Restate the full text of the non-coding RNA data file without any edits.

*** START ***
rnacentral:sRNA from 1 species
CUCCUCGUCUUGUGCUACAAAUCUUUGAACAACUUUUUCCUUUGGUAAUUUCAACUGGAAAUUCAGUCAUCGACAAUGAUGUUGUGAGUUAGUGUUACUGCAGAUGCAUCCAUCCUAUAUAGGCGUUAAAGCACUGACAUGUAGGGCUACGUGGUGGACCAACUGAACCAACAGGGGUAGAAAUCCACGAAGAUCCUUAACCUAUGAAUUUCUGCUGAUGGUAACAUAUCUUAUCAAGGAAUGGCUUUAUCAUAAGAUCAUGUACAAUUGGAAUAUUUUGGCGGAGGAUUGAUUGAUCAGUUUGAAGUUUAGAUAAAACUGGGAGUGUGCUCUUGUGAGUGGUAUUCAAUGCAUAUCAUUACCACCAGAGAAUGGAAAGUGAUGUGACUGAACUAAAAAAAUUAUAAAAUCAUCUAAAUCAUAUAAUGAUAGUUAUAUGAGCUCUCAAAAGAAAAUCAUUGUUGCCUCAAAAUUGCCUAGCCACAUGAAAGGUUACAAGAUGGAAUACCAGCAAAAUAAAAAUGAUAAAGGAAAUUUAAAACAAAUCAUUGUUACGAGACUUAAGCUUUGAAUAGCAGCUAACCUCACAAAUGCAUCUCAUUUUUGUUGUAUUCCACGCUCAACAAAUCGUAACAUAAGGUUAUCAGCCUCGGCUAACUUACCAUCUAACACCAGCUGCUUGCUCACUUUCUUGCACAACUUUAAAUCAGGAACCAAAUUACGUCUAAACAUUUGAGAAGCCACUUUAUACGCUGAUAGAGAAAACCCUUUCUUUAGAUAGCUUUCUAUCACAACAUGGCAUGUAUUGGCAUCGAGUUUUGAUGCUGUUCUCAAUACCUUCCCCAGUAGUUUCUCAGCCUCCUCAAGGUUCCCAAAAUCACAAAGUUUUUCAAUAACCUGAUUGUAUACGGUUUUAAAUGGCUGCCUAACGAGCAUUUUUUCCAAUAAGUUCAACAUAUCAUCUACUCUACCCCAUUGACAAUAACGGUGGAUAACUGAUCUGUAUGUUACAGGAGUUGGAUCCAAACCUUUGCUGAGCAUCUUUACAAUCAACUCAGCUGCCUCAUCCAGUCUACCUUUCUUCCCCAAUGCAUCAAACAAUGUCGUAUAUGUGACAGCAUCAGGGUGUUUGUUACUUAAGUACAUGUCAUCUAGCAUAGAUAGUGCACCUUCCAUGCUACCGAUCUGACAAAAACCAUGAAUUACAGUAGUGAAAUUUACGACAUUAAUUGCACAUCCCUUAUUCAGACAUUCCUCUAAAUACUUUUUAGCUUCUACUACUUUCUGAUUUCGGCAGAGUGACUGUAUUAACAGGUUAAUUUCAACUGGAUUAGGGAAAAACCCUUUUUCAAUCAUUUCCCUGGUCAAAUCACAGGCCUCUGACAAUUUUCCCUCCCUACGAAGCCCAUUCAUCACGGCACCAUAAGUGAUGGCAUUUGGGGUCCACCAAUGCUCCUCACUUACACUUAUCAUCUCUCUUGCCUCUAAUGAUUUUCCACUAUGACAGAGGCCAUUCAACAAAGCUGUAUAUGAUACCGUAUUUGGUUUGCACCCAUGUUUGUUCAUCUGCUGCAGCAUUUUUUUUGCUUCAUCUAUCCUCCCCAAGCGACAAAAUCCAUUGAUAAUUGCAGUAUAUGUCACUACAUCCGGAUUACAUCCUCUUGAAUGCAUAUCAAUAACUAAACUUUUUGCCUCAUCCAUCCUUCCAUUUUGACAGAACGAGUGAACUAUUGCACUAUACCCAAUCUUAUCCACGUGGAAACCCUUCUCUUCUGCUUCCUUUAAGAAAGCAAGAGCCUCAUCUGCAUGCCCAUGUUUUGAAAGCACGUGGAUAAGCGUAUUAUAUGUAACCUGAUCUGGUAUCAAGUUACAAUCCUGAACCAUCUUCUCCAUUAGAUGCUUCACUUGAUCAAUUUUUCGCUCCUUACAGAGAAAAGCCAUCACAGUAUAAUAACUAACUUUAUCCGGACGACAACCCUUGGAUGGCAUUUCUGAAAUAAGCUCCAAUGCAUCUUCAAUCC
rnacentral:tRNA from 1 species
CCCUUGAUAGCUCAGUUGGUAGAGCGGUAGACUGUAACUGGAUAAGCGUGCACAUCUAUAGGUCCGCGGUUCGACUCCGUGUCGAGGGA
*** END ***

rnacentral:sRNA from 1 species
CUCCUCGUCUUGUGCUACAAAUCUUUGAACAACUUUUUCCUUUGGUAAUUUCAACUGGAAAUUCAGUCAUCGACAAUGAUGUUGUGAGUUAGUGUUACUGCAGAUGCAUCCAUCCUAUAUAGGCGUUAAAGCACUGACAUGUAGGGCUACGUGGUGGACCAACUGAACCAACAGGGGUAGAAAUCCACGAAGAUCCUUAACCUAUGAAUUUCUGCUGAUGGUAACAUAUCUUAUCAAGGAAUGGCUUUAUCAUAAGAUCAUGUACAAUUGGAAUAUUUUGGCGGAGGAUUGAUUGAUCAGUUUGAAGUUUAGAUAAAACUGGGAGUGUGCUCUUGUGAGUGGUAUUCAAUGCAUAUCAUUACCACCAGAGAAUGGAAAGUGAUGUGACUGAACUAAAAAAAUUAUAAAAUCAUCUAAAUCAUAUAAUGAUAGUUAUAUGAGCUCUCAAAAGAAAAUCAUUGUUGCCUCAAAAUUGCCUAGCCACAUGAAAGGUUACAAGAUGGAAUACCAGCAAAAUAAAAAUGAUAAAGGAAAUUUAAAACAAAUCAUUGUUACGAGACUUAAGCUUUGAAUAGCAGCUAACCUCACAAAUGCAUCUCAUUUUUGUUGUAUUCCACGCUCAACAAAUCGUAACAUAAGGUUAUCAGCCUCGGCUAACUUACCAUCUAACACCAGCUGCUUGCUCACUUUCUUGCACAACUUUAAAUCAGGAACCAAAUUACGUCUAAACAUUUGAGAAGCCACUUUAUACGCUGAUAGAGAAAACCCUUUCUUUAGAUAGCUUUCUAUCACAACAUGGCAUGUAUUGGCAUCGAGUUUUGAUGCUGUUCUCAAUACCUUCCCCAGUAGUUUCUCAGCCUCCUCAAGGUUCCCAAAAUCACAAAGUUUUUCAAUAACCUGAUUGUAUACGGUUUUAAAUGGCUGCCUAACGAGCAUUUUUUCCAAUAAGUUCAACAUAUCAUCUACUCUACCCCAUUGACAAUAACGGUGGAUAACUGAUCUGUAUGUUACAGGAGUUGGAUCCAAACCUUUGCUGAGCAUCUUUACAAUCAACUCAGCUGCCUCAUCCAGUCUACCUUUCUUCCCCAAUGCAUCAAACAAUGUCGUAUAUGUGACAGCAUCAGGGUGUUUGUUACUUAAGUACAUGUCAUCUAGCAUAGAUAGUGCACCUUCCAUGCUACCGAUCUGACAAAAACCAUGAAUUACAGUAGUGAAAUUUACGACAUUAAUUGCACAUCCCUUAUUCAGACAUUCCUCUAAAUACUUUUUAGCUUCUACUACUUUCUGAUUUCGGCAGAGUGACUGUAUUAACAGGUUAAUUUCAACUGGAUUAGGGAAAAACCCUUUUUCAAUCAUUUCCCUGGUCAAAUCACAGGCCUCUGACAAUUUUCCCUCCCUACGAAGCCCAUUCAUCACGGCACCAUAAGUGAUGGCAUUUGGGGUCCACCAAUGCUCCUCACUUACACUUAUCAUCUCUCUUGCCUCUAAUGAUUUUCCACUAUGACAGAGGCCAUUCAACAAAGCUGUAUAUGAUACCGUAUUUGGUUUGCACCCAUGUUUGUUCAUCUGCUGCAGCAUUUUUUUUGCUUCAUCUAUCCUCCCCAAGCGACAAAAUCCAUUGAUAAUUGCAGUAUAUGUCACUACAUCCGGAUUACAUCCUCUUGAAUGCAUAUCAAUAACUAAACUUUUUGCCUCAUCCAUCCUUCCAUUUUGACAGAACGAGUGAACUAUUGCACUAUACCCAAUCUUAUCCACGUGGAAACCCUUCUCUUCUGCUUCCUUUAAGAAAGCAAGAGCCUCAUCUGCAUGCCCAUGUUUUGAAAGCACGUGGAUAAGCGUAUUAUAUGUAACCUGAUCUGGUAUCAAGUUACAAUCCUGAACCAUCUUCUCCAUUAGAUGCUUCACUUGAUCAAUUUUUCGCUCCUUACAGAGAAAAGCCAUCACAGUAUAAUAACUAACUUUAUCCGGACGACAACCCUUGGAUGGCAUUUCUGAAAUAAGCUCCAAUGCAUCUUCAAUCC
rnacentral:tRNA from 1 species
CCCUUGAUAGCUCAGUUGGUAGAGCGGUAGACUGUAACUGGAUAAGCGUGCACAUCUAUAGGUCCGCGGUUCGACUCCGUGUCGAGGGA